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Papers of the Week

2022 Nov 16

Sensors (Basel)



Design and Validation of a Multimodal Wearable Device for Simultaneous Collection of Electrocardiogram, Electromyogram, and Electrodermal Activity.


McNaboe R, Beardslee L, Kong Y, Smith BN, Chen I-P, Posada-Quintero HF, Chon KH
Sensors (Basel). 2022 Nov 16; 22(22).
PMID: 36433449.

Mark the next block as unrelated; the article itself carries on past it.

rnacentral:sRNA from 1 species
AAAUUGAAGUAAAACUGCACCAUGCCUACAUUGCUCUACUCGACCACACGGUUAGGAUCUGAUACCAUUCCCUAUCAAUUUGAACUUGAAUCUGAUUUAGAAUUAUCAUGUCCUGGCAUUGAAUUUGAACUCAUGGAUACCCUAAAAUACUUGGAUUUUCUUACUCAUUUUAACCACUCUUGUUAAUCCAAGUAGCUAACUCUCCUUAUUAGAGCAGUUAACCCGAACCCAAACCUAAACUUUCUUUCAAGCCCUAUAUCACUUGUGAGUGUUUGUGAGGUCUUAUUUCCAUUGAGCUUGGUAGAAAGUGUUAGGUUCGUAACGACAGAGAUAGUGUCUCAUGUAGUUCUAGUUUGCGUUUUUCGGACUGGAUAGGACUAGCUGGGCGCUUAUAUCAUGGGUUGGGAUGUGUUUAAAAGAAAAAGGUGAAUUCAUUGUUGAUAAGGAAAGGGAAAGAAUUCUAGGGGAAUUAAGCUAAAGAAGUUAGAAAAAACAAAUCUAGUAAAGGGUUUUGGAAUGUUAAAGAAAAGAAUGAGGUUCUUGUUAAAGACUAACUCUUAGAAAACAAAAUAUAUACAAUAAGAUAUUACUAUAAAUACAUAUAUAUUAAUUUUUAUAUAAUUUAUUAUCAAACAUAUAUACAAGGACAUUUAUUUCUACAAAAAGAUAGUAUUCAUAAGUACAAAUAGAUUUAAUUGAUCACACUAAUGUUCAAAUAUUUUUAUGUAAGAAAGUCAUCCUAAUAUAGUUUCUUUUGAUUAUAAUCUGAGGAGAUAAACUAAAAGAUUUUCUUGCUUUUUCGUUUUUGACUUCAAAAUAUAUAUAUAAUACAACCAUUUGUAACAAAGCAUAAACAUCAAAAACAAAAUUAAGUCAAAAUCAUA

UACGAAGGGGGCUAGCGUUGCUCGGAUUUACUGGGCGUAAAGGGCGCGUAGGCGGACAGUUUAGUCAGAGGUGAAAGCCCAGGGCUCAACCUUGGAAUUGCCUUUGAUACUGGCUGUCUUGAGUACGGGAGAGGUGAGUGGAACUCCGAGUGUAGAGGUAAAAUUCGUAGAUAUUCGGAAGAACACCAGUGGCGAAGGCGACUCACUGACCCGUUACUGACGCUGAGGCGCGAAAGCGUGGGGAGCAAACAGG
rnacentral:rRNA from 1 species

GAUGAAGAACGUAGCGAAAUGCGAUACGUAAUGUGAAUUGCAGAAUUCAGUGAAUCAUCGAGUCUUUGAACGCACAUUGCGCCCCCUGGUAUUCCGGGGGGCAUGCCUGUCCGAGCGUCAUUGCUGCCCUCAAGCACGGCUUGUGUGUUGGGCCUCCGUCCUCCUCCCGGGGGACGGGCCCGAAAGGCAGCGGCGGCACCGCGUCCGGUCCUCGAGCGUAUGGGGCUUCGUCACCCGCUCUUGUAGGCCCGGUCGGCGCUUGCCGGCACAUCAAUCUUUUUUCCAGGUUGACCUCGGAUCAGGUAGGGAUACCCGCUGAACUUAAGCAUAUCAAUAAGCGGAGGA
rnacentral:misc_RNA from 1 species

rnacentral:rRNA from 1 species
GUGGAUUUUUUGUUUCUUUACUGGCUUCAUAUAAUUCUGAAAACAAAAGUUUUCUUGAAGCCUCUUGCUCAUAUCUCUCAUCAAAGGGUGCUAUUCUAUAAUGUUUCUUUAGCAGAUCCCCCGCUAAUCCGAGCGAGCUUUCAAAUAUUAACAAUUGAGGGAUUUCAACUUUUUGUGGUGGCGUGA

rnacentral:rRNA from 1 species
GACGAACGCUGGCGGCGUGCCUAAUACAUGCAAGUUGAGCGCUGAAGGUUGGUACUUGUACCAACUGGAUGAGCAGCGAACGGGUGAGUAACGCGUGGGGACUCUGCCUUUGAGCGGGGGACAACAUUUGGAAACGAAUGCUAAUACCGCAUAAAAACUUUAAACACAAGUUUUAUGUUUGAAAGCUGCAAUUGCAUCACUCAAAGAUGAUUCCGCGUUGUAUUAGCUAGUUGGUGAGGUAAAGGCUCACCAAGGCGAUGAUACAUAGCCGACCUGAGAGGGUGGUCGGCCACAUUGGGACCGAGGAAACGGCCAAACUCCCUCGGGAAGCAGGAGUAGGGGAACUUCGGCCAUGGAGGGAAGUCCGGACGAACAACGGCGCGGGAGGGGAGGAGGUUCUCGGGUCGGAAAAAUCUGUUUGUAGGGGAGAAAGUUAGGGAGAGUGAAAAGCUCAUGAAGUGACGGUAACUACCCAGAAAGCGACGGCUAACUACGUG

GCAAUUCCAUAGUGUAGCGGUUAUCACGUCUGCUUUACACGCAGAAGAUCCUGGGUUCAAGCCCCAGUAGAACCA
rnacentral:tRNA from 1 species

Bio-signals are being increasingly used for the assessment of pathophysiological conditions including pain, stress, fatigue, and anxiety. For some approaches, a single signal is not sufficient to provide a comprehensive diagnosis; however, there is a growing consensus that multimodal approaches allow higher sensitivity and specificity. For instance, in visceral pain subjects, the autonomic activation can be inferred using electrodermal activity (EDA) and heart rate variability derived from the electrocardiogram (ECG), but including the muscle activation detected from the surface electromyogram (sEMG) can better differentiate the disease that causes the pain. There is no wearable device commercially capable of collecting these three signals simultaneously. This paper presents the validation of a novel multimodal low profile wearable data acquisition device for the simultaneous collection of EDA, ECG, and sEMG signals. The device was validated by comparing its performance to laboratory-scale reference devices. N = 20 healthy subjects were recruited to participate in a four-stage study that exposed them to an array of cognitive, orthostatic, and muscular stimuli, ensuring the device is sensitive to a range of stressors. Time and frequency domain analyses for all three signals showed significant similarities between our device and the reference devices. Correlation of sEMG metrics ranged from 0.81 to 0.95 and EDA/ECG metrics showed few instances of significant difference in trends between our device and the references. With only minor observed differences, we demonstrated the ability of our device to collect EDA, sEMG, and ECG signals. This device will enable future practical and impactful advances in the field of chronic pain and stress measurement and can confidently be implemented in related studies.